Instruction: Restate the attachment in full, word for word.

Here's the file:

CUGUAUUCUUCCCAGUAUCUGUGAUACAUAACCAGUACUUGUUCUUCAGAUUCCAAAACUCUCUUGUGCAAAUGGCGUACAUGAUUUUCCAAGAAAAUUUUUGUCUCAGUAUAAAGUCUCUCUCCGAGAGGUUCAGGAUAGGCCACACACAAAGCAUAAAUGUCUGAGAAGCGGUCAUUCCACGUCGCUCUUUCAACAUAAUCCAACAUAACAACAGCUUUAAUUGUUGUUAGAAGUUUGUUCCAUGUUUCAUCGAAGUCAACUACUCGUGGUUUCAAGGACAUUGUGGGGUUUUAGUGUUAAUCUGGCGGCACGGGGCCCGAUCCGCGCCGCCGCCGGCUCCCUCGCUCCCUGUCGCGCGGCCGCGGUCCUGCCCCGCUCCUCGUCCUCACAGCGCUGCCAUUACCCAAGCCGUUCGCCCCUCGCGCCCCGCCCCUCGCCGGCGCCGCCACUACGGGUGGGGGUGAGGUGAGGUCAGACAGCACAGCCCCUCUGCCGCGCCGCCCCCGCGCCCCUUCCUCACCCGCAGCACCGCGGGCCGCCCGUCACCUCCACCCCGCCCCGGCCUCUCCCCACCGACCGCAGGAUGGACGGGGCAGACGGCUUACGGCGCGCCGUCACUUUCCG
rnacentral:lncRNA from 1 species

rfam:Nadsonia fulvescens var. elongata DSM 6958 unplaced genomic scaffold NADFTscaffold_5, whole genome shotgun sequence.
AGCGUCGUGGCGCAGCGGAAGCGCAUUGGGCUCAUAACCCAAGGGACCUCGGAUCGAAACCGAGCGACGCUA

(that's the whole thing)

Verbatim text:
CUGUAUUCUUCCCAGUAUCUGUGAUACAUAACCAGUACUUGUUCUUCAGAUUCCAAAACUCUCUUGUGCAAAUGGCGUACAUGAUUUUCCAAGAAAAUUUUUGUCUCAGUAUAAAGUCUCUCUCCGAGAGGUUCAGGAUAGGCCACACACAAAGCAUAAAUGUCUGAGAAGCGGUCAUUCCACGUCGCUCUUUCAACAUAAUCCAACAUAACAACAGCUUUAAUUGUUGUUAGAAGUUUGUUCCAUGUUUCAUCGAAGUCAACUACUCGUGGUUUCAAGGACAUUGUGGGGUUUUAGUGUUAAUCUGGCGGCACGGGGCCCGAUCCGCGCCGCCGCCGGCUCCCUCGCUCCCUGUCGCGCGGCCGCGGUCCUGCCCCGCUCCUCGUCCUCACAGCGCUGCCAUUACCCAAGCCGUUCGCCCCUCGCGCCCCGCCCCUCGCCGGCGCCGCCACUACGGGUGGGGGUGAGGUGAGGUCAGACAGCACAGCCCCUCUGCCGCGCCGCCCCCGCGCCCCUUCCUCACCCGCAGCACCGCGGGCCGCCCGUCACCUCCACCCCGCCCCGGCCUCUCCCCACCGACCGCAGGAUGGACGGGGCAGACGGCUUACGGCGCGCCGUCACUUUCCG
rnacentral:lncRNA from 1 species

rfam:Nadsonia fulvescens var. elongata DSM 6958 unplaced genomic scaffold NADFTscaffold_5, whole genome shotgun sequence.
AGCGUCGUGGCGCAGCGGAAGCGCAUUGGGCUCAUAACCCAAGGGACCUCGGAUCGAAACCGAGCGACGCUA